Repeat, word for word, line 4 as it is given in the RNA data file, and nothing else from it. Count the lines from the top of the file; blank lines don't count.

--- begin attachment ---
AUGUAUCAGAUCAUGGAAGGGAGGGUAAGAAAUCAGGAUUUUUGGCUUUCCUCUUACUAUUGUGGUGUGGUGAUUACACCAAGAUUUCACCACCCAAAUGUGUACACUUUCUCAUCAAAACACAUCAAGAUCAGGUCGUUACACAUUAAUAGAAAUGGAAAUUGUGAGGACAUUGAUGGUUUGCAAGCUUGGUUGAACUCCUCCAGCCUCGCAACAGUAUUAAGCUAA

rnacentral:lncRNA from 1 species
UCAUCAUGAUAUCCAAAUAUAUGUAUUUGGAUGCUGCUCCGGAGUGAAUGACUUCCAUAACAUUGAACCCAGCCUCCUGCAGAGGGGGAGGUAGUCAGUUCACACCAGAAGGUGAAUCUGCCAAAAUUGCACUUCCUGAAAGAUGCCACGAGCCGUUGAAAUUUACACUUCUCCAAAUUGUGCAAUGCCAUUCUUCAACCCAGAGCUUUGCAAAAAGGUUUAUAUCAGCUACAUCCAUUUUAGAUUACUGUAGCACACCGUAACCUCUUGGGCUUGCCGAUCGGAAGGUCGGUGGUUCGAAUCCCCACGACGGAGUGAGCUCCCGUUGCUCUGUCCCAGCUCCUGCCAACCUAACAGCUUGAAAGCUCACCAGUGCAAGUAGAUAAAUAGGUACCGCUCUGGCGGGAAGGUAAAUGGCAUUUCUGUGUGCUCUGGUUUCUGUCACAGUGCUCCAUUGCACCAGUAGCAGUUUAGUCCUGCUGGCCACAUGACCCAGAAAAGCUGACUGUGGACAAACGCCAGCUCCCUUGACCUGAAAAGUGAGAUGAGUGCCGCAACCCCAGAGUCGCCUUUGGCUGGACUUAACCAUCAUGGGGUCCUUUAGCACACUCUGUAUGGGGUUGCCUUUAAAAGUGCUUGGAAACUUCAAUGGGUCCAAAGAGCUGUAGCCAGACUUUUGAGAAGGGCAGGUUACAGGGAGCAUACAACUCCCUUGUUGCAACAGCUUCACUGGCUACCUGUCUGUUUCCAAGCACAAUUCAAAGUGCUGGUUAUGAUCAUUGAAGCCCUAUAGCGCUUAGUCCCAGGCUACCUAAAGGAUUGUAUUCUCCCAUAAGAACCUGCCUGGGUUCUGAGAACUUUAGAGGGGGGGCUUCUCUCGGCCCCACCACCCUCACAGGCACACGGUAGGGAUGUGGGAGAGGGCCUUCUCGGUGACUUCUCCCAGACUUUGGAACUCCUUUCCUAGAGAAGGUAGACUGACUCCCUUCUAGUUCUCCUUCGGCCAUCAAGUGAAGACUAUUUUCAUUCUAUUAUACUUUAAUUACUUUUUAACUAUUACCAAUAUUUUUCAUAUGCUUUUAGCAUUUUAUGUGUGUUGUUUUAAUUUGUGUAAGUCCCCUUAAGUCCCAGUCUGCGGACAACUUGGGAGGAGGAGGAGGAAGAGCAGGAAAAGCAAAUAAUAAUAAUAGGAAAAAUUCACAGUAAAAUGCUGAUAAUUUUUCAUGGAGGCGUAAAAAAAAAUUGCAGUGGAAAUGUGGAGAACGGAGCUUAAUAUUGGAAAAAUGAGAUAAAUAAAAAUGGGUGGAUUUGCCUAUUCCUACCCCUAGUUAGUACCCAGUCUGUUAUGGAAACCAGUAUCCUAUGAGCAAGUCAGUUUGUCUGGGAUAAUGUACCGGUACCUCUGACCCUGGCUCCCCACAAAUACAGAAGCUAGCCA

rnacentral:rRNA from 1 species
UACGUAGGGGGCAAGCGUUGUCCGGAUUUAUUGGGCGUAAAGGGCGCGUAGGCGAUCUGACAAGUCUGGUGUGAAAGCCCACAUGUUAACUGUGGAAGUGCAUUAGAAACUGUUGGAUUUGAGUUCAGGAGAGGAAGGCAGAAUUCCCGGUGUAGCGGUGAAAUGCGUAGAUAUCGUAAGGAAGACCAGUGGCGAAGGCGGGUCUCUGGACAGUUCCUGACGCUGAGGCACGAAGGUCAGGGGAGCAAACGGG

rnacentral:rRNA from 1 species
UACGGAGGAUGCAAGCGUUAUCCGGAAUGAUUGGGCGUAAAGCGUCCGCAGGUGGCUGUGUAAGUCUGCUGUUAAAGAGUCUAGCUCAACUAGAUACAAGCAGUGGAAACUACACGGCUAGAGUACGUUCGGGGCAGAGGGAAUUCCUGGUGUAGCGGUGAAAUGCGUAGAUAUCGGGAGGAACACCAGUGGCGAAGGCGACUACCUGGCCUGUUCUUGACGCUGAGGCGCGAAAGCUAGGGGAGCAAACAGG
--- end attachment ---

rnacentral:rRNA from 1 species